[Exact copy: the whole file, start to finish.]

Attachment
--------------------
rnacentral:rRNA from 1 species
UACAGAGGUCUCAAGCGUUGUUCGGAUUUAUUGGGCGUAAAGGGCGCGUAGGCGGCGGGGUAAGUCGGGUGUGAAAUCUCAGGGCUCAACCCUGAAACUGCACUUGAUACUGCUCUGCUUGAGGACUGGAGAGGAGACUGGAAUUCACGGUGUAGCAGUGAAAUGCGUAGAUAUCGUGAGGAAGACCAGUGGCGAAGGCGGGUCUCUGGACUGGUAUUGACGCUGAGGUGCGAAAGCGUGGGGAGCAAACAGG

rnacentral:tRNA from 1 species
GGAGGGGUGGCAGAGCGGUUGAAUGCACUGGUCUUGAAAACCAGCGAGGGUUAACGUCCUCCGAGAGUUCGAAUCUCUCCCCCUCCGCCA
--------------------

rnacentral:rRNA from 1 species
UACAGAGGUCUCAAGCGUUGUUCGGAUUUAUUGGGCGUAAAGGGCGCGUAGGCGGCGGGGUAAGUCGGGUGUGAAAUCUCAGGGCUCAACCCUGAAACUGCACUUGAUACUGCUCUGCUUGAGGACUGGAGAGGAGACUGGAAUUCACGGUGUAGCAGUGAAAUGCGUAGAUAUCGUGAGGAAGACCAGUGGCGAAGGCGGGUCUCUGGACUGGUAUUGACGCUGAGGUGCGAAAGCGUGGGGAGCAAACAGG

rnacentral:tRNA from 1 species
GGAGGGGUGGCAGAGCGGUUGAAUGCACUGGUCUUGAAAACCAGCGAGGGUUAACGUCCUCCGAGAGUUCGAAUCUCUCCCCCUCCGCCA